The opinion of the court was delivered by: J. Michael Seabright United States District Judge
ORDER: (1) DISMISSING PETITIONER'S MOTION UNDER
28 U.S.C. § 2255 TO VACATE, SET ASIDE, OR CORRECT SENTENCE BY A PERSON IN A FEDERAL
CUSTODY; AND (2) DENYING A CERTIFICATE OF APPEALABILITY
Currently before the court is Petitioner Jeffrey Donald Drye's ("Drye") Petition Pursuant to 28 U.S.C. § 2255 to Vacate Sentence and Set Aside for a New Sentencing ("§ 2255 Motion"). Doc. No. 144. Drye challenges his sentence on various grounds, including ineffective assistance of counsel.
The government filed an Opposition on July 26, 2012, Doc. No. 149, and although the court provided Drye the option to file a Reply by August 24, 2012, Doc. No. 150, he failed to do so. For the following reasons, the court DENIES Drye's § 2255 Motion and DENIES a certificate of appealability.
On November 17, 2010, a grand jury in the District of Hawaii returned a 2-count Indictment charging Drye with abusive sexual contact (in violation of 18 U.S.C. §§ 7(3) and 2244(b)) and sexual assault in the first degree (an assimilated crime in violation of Hawaii Revised Statutes § 707-730). The Indictment charged that on or about January 30, 2010, within the boundaries of the Hawaii Volcanoes National Park, Drye (1) knowingly engaged in "sexual contact" with J.S. without her permission, with "sexual contact" meaning the intentional touching, either directly or through the clothing, of the genitalia, anus, groin, breast, inner thigh, or buttocks of any person with the intent to abuse, humiliate, harass, degrade, or arouse or gratify the sexual desire of any person (Count I, abusive sexual contact); and (2) subjected J.S. to an act of sexual penetration by strong compulsion (Count II, sexual assault in the first degree). Count I carried a maximum penalty of 24 months; Count II carried a maximum penalty of 240 months.
These charges were the culmination of an investigation that uncovered different versions of what occurred on January 30, 2010. Investigators first became aware of the January 30, 2010 incident on February 17, 2010 after J.S.'s father reported that Drye had sexually assaulted J.S. Doc. No. 141, PSR ¶ 6.
When questioned by investigators, J.S. relayed that Drye, J.S., A.C., and J.W. entered Hawaii Volcanoes National Park to spend the night camping, and that Drye sexually assaulted J.S. when A.C. and J.W. left the campsite to get food from the car. Specifically, J.S. reported that Drye kissed her and touched her breasts and vagina even though J.S. kept pushing him away, and that Drye subsequently raped her. Id. ¶ 13.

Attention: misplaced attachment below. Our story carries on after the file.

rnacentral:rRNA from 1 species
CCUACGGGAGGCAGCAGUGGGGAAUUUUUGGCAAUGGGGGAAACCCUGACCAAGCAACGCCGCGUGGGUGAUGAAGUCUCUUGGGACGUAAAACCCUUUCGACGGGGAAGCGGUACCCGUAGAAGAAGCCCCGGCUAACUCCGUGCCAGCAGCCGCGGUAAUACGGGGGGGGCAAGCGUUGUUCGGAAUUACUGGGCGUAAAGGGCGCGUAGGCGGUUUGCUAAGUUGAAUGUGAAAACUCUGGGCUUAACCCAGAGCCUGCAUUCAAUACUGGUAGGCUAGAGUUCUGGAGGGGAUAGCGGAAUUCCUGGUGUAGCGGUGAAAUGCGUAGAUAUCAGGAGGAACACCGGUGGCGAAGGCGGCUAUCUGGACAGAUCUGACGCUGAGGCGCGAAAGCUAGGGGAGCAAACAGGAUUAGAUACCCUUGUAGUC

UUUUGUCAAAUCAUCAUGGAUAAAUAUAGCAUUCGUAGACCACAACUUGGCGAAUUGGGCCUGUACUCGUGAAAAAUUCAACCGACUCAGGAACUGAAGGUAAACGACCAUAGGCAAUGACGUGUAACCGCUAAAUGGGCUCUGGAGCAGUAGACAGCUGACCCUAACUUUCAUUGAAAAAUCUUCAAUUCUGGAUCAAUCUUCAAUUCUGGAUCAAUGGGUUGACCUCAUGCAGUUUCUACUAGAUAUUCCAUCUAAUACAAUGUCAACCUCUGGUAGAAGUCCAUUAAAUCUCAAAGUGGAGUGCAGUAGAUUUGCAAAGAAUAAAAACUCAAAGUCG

In comparison, in a March 5, 2010 interview, Drye admitted that he kissed J.S. and touched her stomach, and may have touched her breast (although he could not recall), and that he stopped kissing J.S. when she asked him to stop. Id.
¶ 17. On June 8, 2010, however, Defendant told a different version after he underwent a polygraph examination which indicated deception in some of his responses. Id. ¶ 19; see also Doc. No. 126, Tr. at 5-7.*fn1 In a post-polygraph examination that same day,*fn2 Drye admitted that he touched J.S.'s breasts after she told him to stop, unsuccessfully attempted to touch J.S.'s vagina (the tightness of her pants prevented him), and also rubbed J.S.'s upper thighs and crotch area over her clothing even though J.S. pushed his hands away and told him to stop. Doc. No. 141, PSR ¶ 19. Drye also provided investigators the clothing he wore the night of the incident, but investigators did not perform forensic analysis. Id. ¶ 20.
Trial commenced on June 14, 2011 and proceeded through four days of testimony. In the government's case-in-chief, J.S. testified that over her objections Drye kissed her, touched her breasts and vagina, and then raped her.